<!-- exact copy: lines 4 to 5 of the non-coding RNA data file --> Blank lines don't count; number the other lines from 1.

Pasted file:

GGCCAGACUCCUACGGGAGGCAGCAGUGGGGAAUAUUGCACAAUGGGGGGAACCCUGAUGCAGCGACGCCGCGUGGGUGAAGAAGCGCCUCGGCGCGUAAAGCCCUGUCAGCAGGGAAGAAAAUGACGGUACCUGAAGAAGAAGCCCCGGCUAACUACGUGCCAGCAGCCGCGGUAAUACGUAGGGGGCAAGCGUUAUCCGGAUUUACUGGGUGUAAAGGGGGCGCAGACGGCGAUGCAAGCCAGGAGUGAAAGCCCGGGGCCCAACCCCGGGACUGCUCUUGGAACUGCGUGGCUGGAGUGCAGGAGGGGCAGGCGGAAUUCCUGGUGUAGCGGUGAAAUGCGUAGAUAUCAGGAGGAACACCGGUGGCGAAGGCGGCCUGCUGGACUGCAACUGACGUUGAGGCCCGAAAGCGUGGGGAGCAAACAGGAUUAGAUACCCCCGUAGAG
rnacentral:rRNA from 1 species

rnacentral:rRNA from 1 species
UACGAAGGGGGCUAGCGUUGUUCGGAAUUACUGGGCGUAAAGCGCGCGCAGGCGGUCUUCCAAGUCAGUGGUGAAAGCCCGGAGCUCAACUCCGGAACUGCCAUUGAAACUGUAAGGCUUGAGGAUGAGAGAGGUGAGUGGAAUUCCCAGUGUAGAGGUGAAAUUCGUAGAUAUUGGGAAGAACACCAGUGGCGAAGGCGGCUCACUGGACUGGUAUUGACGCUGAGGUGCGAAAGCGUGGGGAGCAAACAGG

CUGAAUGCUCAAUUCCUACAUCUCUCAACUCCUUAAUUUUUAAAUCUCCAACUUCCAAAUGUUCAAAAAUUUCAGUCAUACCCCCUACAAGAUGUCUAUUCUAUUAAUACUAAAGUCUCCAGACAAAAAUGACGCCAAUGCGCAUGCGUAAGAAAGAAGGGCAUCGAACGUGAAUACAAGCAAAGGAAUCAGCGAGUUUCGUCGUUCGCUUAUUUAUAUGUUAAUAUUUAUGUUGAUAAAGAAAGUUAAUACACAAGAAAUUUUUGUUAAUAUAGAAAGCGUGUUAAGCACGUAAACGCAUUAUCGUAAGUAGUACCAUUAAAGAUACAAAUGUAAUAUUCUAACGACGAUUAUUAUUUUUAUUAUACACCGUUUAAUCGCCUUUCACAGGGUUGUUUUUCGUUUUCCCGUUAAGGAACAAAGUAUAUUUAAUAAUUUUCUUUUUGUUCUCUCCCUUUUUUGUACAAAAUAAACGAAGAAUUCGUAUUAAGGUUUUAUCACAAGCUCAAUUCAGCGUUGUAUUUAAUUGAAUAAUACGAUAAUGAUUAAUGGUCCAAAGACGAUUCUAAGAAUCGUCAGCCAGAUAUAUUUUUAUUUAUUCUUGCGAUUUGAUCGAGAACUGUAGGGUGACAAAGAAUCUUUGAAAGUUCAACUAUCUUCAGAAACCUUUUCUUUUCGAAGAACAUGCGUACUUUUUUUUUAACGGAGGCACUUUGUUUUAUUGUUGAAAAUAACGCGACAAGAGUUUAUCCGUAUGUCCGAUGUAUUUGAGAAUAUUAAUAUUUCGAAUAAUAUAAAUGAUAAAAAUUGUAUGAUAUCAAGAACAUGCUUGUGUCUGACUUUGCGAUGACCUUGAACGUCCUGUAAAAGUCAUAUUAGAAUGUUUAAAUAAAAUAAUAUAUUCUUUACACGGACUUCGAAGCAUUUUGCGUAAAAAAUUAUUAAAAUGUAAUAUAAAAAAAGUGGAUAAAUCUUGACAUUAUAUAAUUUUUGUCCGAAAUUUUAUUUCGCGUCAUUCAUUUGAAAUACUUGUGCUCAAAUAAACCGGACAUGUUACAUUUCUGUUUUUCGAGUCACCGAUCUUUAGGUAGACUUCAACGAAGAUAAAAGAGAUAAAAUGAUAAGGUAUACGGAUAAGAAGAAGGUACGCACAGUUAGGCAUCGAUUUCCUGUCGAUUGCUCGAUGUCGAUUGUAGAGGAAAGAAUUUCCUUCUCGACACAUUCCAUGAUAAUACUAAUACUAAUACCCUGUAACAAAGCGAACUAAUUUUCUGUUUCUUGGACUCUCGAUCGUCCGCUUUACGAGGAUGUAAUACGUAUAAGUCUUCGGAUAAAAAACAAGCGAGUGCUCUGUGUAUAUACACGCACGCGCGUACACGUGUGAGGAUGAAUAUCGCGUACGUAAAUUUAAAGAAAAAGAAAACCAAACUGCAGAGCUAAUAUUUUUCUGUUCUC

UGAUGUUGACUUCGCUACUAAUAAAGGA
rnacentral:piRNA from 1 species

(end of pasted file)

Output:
UACGAAGGGGGCUAGCGUUGUUCGGAAUUACUGGGCGUAAAGCGCGCGCAGGCGGUCUUCCAAGUCAGUGGUGAAAGCCCGGAGCUCAACUCCGGAACUGCCAUUGAAACUGUAAGGCUUGAGGAUGAGAGAGGUGAGUGGAAUUCCCAGUGUAGAGGUGAAAUUCGUAGAUAUUGGGAAGAACACCAGUGGCGAAGGCGGCUCACUGGACUGGUAUUGACGCUGAGGUGCGAAAGCGUGGGGAGCAAACAGG

CUGAAUGCUCAAUUCCUACAUCUCUCAACUCCUUAAUUUUUAAAUCUCCAACUUCCAAAUGUUCAAAAAUUUCAGUCAUACCCCCUACAAGAUGUCUAUUCUAUUAAUACUAAAGUCUCCAGACAAAAAUGACGCCAAUGCGCAUGCGUAAGAAAGAAGGGCAUCGAACGUGAAUACAAGCAAAGGAAUCAGCGAGUUUCGUCGUUCGCUUAUUUAUAUGUUAAUAUUUAUGUUGAUAAAGAAAGUUAAUACACAAGAAAUUUUUGUUAAUAUAGAAAGCGUGUUAAGCACGUAAACGCAUUAUCGUAAGUAGUACCAUUAAAGAUACAAAUGUAAUAUUCUAACGACGAUUAUUAUUUUUAUUAUACACCGUUUAAUCGCCUUUCACAGGGUUGUUUUUCGUUUUCCCGUUAAGGAACAAAGUAUAUUUAAUAAUUUUCUUUUUGUUCUCUCCCUUUUUUGUACAAAAUAAACGAAGAAUUCGUAUUAAGGUUUUAUCACAAGCUCAAUUCAGCGUUGUAUUUAAUUGAAUAAUACGAUAAUGAUUAAUGGUCCAAAGACGAUUCUAAGAAUCGUCAGCCAGAUAUAUUUUUAUUUAUUCUUGCGAUUUGAUCGAGAACUGUAGGGUGACAAAGAAUCUUUGAAAGUUCAACUAUCUUCAGAAACCUUUUCUUUUCGAAGAACAUGCGUACUUUUUUUUUAACGGAGGCACUUUGUUUUAUUGUUGAAAAUAACGCGACAAGAGUUUAUCCGUAUGUCCGAUGUAUUUGAGAAUAUUAAUAUUUCGAAUAAUAUAAAUGAUAAAAAUUGUAUGAUAUCAAGAACAUGCUUGUGUCUGACUUUGCGAUGACCUUGAACGUCCUGUAAAAGUCAUAUUAGAAUGUUUAAAUAAAAUAAUAUAUUCUUUACACGGACUUCGAAGCAUUUUGCGUAAAAAAUUAUUAAAAUGUAAUAUAAAAAAAGUGGAUAAAUCUUGACAUUAUAUAAUUUUUGUCCGAAAUUUUAUUUCGCGUCAUUCAUUUGAAAUACUUGUGCUCAAAUAAACCGGACAUGUUACAUUUCUGUUUUUCGAGUCACCGAUCUUUAGGUAGACUUCAACGAAGAUAAAAGAGAUAAAAUGAUAAGGUAUACGGAUAAGAAGAAGGUACGCACAGUUAGGCAUCGAUUUCCUGUCGAUUGCUCGAUGUCGAUUGUAGAGGAAAGAAUUUCCUUCUCGACACAUUCCAUGAUAAUACUAAUACUAAUACCCUGUAACAAAGCGAACUAAUUUUCUGUUUCUUGGACUCUCGAUCGUCCGCUUUACGAGGAUGUAAUACGUAUAAGUCUUCGGAUAAAAAACAAGCGAGUGCUCUGUGUAUAUACACGCACGCGCGUACACGUGUGAGGAUGAAUAUCGCGUACGUAAAUUUAAAGAAAAAGAAAACCAAACUGCAGAGCUAAUAUUUUUCUGUUCUC